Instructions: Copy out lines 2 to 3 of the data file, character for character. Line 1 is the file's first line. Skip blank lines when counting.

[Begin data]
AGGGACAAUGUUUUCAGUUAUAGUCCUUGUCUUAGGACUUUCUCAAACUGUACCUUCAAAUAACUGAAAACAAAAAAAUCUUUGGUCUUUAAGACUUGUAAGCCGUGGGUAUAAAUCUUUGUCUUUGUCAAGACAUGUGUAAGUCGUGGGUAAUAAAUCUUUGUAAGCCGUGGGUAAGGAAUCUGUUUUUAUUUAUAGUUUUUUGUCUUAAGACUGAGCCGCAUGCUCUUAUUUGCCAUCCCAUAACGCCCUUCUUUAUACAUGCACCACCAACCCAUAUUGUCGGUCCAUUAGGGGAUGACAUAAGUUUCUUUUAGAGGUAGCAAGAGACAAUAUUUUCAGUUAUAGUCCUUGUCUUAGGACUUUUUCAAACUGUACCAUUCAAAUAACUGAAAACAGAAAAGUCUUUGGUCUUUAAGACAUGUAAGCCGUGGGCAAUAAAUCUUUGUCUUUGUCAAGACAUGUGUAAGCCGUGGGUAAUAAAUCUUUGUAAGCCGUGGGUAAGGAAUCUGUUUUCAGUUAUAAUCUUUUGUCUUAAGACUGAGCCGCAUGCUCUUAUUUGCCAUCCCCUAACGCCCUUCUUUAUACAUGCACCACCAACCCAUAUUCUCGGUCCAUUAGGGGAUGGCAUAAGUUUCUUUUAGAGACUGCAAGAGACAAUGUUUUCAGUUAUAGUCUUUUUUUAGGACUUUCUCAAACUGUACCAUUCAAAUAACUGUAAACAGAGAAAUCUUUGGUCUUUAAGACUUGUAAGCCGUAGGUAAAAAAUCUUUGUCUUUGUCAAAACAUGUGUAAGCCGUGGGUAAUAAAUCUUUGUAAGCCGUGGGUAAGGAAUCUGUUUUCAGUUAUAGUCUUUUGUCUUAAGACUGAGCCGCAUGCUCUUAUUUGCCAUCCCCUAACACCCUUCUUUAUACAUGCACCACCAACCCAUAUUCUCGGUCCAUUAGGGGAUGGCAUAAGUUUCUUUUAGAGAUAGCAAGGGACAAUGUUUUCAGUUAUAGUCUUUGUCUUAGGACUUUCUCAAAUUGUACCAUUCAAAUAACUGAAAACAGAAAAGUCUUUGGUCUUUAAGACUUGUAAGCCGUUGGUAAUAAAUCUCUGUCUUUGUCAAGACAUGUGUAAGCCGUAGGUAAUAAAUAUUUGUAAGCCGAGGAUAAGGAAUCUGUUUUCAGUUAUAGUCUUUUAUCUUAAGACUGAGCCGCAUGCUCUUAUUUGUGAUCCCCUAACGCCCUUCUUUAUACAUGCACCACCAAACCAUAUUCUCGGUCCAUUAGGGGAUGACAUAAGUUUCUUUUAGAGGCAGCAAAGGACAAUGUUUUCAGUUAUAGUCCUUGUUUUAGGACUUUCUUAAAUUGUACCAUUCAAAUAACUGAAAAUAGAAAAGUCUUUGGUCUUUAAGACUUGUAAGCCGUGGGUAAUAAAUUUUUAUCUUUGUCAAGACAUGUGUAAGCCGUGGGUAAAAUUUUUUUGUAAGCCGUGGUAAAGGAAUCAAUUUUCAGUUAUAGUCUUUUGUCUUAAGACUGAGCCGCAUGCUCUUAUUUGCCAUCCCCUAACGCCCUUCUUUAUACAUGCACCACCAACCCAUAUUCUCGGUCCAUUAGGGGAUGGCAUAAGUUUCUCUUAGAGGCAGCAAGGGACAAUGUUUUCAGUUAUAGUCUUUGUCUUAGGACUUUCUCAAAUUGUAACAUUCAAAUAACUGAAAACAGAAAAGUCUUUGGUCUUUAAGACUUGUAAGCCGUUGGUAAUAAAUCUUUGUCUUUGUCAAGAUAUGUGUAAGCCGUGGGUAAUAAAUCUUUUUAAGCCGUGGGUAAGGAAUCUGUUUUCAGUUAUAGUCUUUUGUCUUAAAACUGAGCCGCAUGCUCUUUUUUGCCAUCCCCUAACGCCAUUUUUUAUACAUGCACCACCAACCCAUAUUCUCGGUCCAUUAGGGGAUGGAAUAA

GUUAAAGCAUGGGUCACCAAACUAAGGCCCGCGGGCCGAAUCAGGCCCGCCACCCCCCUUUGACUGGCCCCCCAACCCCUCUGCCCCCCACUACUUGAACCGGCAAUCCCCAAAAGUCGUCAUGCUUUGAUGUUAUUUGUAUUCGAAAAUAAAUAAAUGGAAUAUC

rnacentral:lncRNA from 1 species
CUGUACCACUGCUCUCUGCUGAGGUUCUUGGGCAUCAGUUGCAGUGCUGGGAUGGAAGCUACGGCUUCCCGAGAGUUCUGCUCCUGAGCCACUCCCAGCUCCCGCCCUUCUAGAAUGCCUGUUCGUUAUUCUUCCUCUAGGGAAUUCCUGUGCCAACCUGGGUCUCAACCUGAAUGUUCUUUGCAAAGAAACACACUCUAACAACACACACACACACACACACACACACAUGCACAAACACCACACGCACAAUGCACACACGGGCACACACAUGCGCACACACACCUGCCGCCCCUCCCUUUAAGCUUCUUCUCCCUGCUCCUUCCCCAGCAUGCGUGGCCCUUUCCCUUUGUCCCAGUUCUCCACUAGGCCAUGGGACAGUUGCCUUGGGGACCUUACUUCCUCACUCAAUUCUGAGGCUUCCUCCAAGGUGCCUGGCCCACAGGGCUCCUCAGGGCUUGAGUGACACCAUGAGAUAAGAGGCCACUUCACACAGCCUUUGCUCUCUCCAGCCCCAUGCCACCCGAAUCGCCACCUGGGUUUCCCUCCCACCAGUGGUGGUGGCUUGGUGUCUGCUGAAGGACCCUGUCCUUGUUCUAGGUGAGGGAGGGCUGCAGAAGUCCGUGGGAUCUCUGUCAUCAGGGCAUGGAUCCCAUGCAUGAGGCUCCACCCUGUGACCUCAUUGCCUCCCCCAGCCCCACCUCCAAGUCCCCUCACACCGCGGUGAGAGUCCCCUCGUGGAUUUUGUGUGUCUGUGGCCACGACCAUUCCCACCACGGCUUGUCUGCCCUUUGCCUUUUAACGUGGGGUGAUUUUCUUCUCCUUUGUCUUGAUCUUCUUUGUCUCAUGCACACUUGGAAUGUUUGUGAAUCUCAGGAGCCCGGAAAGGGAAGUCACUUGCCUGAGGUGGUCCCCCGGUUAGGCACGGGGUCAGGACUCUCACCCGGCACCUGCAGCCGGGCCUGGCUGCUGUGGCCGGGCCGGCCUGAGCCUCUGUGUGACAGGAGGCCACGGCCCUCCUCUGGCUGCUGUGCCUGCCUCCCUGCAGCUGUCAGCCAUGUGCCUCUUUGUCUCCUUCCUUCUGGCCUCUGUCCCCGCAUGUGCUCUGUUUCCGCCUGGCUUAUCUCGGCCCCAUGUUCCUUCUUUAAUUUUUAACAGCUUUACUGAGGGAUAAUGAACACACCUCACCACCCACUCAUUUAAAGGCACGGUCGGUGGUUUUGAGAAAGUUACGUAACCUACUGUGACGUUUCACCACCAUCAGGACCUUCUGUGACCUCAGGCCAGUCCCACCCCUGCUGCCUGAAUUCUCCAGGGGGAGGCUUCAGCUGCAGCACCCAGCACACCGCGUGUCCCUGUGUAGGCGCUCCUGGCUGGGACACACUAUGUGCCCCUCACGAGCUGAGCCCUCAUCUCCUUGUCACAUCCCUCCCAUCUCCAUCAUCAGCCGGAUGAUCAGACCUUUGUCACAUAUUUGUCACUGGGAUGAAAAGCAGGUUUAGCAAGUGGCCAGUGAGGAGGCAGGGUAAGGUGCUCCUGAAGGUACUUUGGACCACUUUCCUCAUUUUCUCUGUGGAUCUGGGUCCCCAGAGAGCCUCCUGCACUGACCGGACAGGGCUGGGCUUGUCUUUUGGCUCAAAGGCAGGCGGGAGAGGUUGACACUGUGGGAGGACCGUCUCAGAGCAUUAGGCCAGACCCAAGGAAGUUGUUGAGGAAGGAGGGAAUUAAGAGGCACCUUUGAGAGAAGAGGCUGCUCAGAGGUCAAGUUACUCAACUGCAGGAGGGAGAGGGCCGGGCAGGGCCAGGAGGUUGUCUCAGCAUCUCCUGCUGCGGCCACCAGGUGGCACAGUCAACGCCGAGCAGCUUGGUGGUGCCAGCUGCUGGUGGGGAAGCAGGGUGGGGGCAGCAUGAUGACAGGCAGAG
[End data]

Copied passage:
GUUAAAGCAUGGGUCACCAAACUAAGGCCCGCGGGCCGAAUCAGGCCCGCCACCCCCCUUUGACUGGCCCCCCAACCCCUCUGCCCCCCACUACUUGAACCGGCAAUCCCCAAAAGUCGUCAUGCUUUGAUGUUAUUUGUAUUCGAAAAUAAAUAAAUGGAAUAUC

rnacentral:lncRNA from 1 species